Dress Coding in the Gym: A Student Perspective


Courtesy of Courtesy of Villanova Athletics

Students speak on the dress code at the fitness centers.

Mariel Persico, Staff Writer

Covering up is back at the gym, but this time not just with masks. It is time to say goodbye to working out in cropped shirts and cut out muscle tees. Fitness center attendants are cracking down on a dress code, unbeknownst to most students. 

Though there have been no formal announcements or new policies made, for the past few days, students at the fitness centers on campus have been told that they must wear outfits that cover their midriff when working out. No actual citations have been given for dress code violations, but students are being told to make sure to cover up on their next gym visit. 

The reasoning behind the sudden change is unknown. Some students have been told it is for safety reasons, while others have heard it is because of COVID-19. 

“As I swiped my Wildcard to go into the gym, the worker at the front desk looked at my outfit and told me to cover up my midriff for safety reasons,” freshman Alexandra Loke said. “I do not mind doing that, I was just confused because I was never told this was a rule.” 

Loke is not the only student that has been approached by fitness center staff. Freshman Anna Wright explained her similar experience at the gym. 

“They said my midriff was showing and that it is against the rules,” Wright said. “I was told it was because of COVID-19 precautions.” 

It seems that there is a lot of confusion surrounding the new dress code, especially for freshmen who were never given guidelines on it. Freshman Maddie Koenig has explained her thoughts on the matter as well. 

“If there is no specific dress code in class, why is there a ‘dress code’ in the gym?” Koenig said. “And why is it not advertised more publicly?”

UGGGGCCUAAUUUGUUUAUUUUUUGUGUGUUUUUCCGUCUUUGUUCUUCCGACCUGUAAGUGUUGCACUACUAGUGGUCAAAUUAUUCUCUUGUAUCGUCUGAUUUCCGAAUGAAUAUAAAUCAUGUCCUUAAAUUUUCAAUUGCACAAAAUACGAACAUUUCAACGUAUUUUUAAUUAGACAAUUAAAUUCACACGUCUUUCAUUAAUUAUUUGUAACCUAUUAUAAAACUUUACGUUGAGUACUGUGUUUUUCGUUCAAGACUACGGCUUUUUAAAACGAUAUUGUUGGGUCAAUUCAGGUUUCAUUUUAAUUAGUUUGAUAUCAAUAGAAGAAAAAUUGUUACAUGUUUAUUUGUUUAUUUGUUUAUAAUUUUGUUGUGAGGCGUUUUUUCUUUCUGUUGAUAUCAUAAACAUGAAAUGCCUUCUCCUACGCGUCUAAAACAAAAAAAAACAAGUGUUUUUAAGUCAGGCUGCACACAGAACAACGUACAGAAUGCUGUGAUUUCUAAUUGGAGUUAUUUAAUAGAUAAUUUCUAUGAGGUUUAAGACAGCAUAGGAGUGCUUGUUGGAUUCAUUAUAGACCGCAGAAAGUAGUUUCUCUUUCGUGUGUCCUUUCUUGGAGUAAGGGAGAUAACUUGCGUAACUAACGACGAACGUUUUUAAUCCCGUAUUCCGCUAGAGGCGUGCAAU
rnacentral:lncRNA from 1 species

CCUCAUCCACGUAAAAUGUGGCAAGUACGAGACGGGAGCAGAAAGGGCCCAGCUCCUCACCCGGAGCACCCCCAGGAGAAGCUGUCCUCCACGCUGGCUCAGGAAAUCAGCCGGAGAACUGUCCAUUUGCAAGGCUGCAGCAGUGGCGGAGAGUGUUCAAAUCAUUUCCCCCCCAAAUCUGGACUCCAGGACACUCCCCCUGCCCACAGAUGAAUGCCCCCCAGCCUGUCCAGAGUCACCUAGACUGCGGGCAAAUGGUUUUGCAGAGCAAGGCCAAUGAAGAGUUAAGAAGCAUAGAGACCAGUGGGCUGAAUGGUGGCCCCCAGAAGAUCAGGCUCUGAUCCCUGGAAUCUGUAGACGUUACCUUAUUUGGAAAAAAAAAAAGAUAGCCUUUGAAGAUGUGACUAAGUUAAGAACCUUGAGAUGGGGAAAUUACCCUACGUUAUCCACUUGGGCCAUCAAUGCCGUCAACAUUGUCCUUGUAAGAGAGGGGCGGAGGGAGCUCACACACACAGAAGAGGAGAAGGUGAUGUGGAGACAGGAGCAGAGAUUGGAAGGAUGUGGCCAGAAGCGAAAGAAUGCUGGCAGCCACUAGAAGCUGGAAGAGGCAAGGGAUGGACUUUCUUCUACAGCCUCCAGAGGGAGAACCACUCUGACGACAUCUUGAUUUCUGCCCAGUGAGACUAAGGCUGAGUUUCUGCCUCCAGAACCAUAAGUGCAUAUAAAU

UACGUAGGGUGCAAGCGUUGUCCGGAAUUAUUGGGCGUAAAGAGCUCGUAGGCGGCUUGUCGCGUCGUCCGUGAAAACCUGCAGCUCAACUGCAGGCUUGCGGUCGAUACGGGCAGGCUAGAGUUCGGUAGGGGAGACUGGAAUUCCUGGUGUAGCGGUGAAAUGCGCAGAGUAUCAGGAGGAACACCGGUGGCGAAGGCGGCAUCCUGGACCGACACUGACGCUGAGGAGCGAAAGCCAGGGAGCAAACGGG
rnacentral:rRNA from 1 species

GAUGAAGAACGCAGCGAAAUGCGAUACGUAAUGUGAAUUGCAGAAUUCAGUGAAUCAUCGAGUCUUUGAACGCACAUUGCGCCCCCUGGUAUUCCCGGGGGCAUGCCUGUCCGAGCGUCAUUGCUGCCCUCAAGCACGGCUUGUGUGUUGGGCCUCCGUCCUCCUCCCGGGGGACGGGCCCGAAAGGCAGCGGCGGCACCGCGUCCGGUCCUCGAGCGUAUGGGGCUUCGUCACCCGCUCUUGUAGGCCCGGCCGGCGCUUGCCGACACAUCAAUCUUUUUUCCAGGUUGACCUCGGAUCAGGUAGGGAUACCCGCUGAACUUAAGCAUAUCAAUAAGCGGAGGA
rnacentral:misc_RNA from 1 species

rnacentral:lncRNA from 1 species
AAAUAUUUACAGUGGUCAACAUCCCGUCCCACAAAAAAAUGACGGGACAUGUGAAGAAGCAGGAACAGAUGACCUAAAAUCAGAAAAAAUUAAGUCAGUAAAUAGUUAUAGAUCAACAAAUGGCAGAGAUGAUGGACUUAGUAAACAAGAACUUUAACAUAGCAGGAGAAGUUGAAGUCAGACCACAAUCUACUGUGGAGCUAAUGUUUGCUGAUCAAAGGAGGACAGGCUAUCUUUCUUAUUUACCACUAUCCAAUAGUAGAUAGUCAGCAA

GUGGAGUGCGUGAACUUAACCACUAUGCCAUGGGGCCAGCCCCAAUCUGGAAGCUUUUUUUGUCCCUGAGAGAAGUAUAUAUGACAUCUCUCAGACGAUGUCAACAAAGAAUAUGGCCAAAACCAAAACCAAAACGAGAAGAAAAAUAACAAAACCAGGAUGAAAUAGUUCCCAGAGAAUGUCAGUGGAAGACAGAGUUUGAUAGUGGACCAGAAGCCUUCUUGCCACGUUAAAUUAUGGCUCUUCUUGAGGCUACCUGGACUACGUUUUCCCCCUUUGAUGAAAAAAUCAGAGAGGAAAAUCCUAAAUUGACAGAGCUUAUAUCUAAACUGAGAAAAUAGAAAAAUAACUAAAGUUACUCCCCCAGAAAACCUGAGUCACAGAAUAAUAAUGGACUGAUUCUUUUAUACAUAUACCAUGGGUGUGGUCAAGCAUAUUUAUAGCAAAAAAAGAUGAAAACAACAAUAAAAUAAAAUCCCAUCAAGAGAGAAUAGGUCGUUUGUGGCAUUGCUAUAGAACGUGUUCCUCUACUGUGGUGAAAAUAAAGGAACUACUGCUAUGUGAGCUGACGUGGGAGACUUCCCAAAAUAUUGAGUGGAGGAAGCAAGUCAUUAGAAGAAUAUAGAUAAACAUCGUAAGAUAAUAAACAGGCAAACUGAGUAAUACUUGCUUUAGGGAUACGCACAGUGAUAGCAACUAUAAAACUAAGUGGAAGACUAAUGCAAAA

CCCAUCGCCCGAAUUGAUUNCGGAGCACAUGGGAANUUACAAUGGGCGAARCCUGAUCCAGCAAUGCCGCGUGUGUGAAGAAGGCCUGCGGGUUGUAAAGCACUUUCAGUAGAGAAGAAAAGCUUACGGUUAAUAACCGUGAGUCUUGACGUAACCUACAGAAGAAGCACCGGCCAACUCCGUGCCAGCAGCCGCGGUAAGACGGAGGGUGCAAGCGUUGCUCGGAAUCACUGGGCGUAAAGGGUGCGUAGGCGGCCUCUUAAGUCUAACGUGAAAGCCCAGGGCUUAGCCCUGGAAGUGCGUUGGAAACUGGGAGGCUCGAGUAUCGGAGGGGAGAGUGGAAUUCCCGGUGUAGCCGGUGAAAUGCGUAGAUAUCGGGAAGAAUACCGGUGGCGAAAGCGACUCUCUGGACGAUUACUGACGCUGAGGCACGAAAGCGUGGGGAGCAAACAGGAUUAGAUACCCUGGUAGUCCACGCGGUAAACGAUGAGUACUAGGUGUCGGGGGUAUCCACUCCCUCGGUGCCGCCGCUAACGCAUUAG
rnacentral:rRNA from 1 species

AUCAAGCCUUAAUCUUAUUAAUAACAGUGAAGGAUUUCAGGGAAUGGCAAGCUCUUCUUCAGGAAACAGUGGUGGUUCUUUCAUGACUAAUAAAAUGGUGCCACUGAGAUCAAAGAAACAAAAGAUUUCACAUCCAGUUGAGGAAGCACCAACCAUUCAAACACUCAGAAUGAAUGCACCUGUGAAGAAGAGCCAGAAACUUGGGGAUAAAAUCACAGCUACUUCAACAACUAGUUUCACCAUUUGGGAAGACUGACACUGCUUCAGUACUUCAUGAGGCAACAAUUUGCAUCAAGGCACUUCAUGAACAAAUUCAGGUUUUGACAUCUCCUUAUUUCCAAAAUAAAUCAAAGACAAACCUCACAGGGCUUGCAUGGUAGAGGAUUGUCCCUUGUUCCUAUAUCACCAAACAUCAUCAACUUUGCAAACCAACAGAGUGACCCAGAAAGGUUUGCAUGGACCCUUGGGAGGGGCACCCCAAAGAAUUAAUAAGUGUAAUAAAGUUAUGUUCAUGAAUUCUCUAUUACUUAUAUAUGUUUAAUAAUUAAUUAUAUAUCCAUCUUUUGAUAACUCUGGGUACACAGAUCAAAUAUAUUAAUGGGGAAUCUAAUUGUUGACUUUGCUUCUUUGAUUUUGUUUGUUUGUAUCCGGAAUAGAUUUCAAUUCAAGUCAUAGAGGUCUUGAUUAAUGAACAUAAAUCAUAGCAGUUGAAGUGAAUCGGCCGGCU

Students appear to be willing to comply with the guidelines as long as they do not feel shamed or degraded for their outfits. They just wish that they were made aware of the new guidelines before entering the gym. The frustration seems to be with the lack of a logical explanation. 

“What does covering your stomach have to do with COVID-19?” an anonymous freshman asked. “I do not care if I have to wear different clothing, but you cannot just create a new dress code and not tell anyone until they are walking in. It was embarrassing for me.”

Even upperclassmen have thoughts on the matter.  

“Personally, I think it is a bit confusing and ridiculous,” an anonymous junior said. “The message is unclear as to why they are doing this, but either way it does not make sense to me. I heard it is because they want to prevent bacteria from spreading, but we know that COVID is not really spread through surfaces, so I do not get why students are being degraded for this.” 

While we can hope that the gym mask mandate goes away, the dress code does not seem to be going anywhere. At least this issue comes with an easy solution: be sure to wear your mask and gym approved clothing to your next fitness center visit to avoid any confrontation with staff members.